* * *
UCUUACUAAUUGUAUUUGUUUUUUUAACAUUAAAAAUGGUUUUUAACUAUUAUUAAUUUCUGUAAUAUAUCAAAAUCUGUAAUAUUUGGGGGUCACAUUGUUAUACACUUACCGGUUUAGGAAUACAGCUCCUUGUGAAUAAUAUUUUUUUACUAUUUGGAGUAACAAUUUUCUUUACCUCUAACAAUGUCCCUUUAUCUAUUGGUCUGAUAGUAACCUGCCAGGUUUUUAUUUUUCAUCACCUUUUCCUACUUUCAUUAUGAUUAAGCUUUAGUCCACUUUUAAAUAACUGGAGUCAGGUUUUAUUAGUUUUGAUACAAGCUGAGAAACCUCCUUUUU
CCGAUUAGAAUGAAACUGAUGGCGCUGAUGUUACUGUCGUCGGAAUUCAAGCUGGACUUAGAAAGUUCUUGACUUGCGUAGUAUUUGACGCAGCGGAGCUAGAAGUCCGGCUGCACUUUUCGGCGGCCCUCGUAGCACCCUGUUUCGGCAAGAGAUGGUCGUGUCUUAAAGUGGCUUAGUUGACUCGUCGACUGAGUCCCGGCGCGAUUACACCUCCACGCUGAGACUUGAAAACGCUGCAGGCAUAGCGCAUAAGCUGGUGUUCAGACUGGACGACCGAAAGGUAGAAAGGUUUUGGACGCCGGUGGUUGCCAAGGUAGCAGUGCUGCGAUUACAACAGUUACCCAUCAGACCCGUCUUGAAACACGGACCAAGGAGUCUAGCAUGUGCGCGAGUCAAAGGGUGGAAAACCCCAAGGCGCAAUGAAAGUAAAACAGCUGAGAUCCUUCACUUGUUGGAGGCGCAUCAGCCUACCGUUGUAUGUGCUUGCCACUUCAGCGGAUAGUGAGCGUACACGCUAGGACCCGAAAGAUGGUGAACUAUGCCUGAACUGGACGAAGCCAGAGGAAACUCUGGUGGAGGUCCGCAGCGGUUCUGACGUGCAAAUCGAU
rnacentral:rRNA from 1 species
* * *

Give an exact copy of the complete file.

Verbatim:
UCUUACUAAUUGUAUUUGUUUUUUUAACAUUAAAAAUGGUUUUUAACUAUUAUUAAUUUCUGUAAUAUAUCAAAAUCUGUAAUAUUUGGGGGUCACAUUGUUAUACACUUACCGGUUUAGGAAUACAGCUCCUUGUGAAUAAUAUUUUUUUACUAUUUGGAGUAACAAUUUUCUUUACCUCUAACAAUGUCCCUUUAUCUAUUGGUCUGAUAGUAACCUGCCAGGUUUUUAUUUUUCAUCACCUUUUCCUACUUUCAUUAUGAUUAAGCUUUAGUCCACUUUUAAAUAACUGGAGUCAGGUUUUAUUAGUUUUGAUACAAGCUGAGAAACCUCCUUUUU
CCGAUUAGAAUGAAACUGAUGGCGCUGAUGUUACUGUCGUCGGAAUUCAAGCUGGACUUAGAAAGUUCUUGACUUGCGUAGUAUUUGACGCAGCGGAGCUAGAAGUCCGGCUGCACUUUUCGGCGGCCCUCGUAGCACCCUGUUUCGGCAAGAGAUGGUCGUGUCUUAAAGUGGCUUAGUUGACUCGUCGACUGAGUCCCGGCGCGAUUACACCUCCACGCUGAGACUUGAAAACGCUGCAGGCAUAGCGCAUAAGCUGGUGUUCAGACUGGACGACCGAAAGGUAGAAAGGUUUUGGACGCCGGUGGUUGCCAAGGUAGCAGUGCUGCGAUUACAACAGUUACCCAUCAGACCCGUCUUGAAACACGGACCAAGGAGUCUAGCAUGUGCGCGAGUCAAAGGGUGGAAAACCCCAAGGCGCAAUGAAAGUAAAACAGCUGAGAUCCUUCACUUGUUGGAGGCGCAUCAGCCUACCGUUGUAUGUGCUUGCCACUUCAGCGGAUAGUGAGCGUACACGCUAGGACCCGAAAGAUGGUGAACUAUGCCUGAACUGGACGAAGCCAGAGGAAACUCUGGUGGAGGUCCGCAGCGGUUCUGACGUGCAAAUCGAU
rnacentral:rRNA from 1 species